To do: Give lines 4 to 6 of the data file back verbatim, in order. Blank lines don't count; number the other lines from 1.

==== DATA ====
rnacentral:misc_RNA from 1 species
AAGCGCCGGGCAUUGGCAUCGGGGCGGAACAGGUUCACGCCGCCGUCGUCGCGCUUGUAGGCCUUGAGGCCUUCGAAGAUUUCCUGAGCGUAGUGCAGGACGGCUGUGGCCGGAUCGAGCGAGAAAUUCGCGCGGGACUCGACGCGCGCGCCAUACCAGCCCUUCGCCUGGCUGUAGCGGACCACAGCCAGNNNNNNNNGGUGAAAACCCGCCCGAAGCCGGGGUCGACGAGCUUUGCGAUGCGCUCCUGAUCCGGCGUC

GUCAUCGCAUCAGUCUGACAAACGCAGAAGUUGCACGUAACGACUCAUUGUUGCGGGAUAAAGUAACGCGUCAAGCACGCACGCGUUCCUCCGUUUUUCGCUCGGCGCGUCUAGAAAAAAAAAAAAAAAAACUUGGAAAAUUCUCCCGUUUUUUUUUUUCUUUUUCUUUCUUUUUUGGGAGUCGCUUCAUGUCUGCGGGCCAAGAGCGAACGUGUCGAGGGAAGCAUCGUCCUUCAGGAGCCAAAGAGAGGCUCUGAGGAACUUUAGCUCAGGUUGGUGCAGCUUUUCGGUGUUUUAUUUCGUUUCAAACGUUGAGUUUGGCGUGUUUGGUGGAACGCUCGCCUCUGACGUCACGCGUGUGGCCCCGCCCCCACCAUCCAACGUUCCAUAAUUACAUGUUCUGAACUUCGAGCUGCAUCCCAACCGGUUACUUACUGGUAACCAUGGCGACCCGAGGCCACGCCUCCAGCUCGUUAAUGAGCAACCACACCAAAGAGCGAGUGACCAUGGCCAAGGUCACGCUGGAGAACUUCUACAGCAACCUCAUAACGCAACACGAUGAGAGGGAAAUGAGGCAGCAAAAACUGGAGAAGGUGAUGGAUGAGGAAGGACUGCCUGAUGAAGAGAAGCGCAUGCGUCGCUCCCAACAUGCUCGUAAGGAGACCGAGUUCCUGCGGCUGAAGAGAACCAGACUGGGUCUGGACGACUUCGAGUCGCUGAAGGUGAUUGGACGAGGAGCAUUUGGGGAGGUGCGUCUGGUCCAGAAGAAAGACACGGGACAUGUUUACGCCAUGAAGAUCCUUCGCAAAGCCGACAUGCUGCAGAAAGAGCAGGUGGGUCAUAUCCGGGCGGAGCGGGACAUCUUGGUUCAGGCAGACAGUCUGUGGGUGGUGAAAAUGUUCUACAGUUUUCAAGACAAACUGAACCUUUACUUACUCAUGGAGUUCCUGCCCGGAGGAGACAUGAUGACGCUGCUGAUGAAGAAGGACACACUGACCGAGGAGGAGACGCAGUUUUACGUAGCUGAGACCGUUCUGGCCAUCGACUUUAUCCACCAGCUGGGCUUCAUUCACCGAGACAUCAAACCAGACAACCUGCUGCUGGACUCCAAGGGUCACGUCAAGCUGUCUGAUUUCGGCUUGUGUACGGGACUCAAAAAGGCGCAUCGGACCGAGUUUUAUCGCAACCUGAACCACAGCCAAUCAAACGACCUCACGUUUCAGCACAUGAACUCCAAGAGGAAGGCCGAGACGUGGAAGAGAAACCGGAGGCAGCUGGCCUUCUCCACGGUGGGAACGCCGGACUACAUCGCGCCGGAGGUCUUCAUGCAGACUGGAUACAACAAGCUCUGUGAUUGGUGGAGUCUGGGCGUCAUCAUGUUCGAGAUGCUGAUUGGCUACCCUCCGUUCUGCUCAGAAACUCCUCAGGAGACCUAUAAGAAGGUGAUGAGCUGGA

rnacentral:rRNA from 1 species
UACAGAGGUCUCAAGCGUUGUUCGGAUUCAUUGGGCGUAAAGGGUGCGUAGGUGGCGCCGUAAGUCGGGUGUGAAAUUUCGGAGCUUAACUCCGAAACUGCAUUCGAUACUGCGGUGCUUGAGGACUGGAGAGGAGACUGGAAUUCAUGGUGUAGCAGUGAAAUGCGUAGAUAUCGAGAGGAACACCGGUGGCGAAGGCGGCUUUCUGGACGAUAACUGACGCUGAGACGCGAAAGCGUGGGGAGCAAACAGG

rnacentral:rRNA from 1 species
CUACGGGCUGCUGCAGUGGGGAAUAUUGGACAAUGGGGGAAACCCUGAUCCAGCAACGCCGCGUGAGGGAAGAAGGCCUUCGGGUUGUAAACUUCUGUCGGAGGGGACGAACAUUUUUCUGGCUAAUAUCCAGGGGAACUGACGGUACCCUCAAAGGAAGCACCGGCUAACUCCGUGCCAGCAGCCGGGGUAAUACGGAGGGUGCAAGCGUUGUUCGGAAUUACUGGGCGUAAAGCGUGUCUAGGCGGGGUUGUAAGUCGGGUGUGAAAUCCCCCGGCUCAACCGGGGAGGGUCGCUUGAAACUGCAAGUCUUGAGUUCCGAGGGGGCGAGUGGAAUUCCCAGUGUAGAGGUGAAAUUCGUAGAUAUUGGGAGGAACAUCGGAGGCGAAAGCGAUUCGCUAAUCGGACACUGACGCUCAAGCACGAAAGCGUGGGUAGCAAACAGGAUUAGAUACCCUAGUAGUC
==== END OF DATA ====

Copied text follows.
rnacentral:rRNA from 1 species
UACAGAGGUCUCAAGCGUUGUUCGGAUUCAUUGGGCGUAAAGGGUGCGUAGGUGGCGCCGUAAGUCGGGUGUGAAAUUUCGGAGCUUAACUCCGAAACUGCAUUCGAUACUGCGGUGCUUGAGGACUGGAGAGGAGACUGGAAUUCAUGGUGUAGCAGUGAAAUGCGUAGAUAUCGAGAGGAACACCGGUGGCGAAGGCGGCUUUCUGGACGAUAACUGACGCUGAGACGCGAAAGCGUGGGGAGCAAACAGG

rnacentral:rRNA from 1 species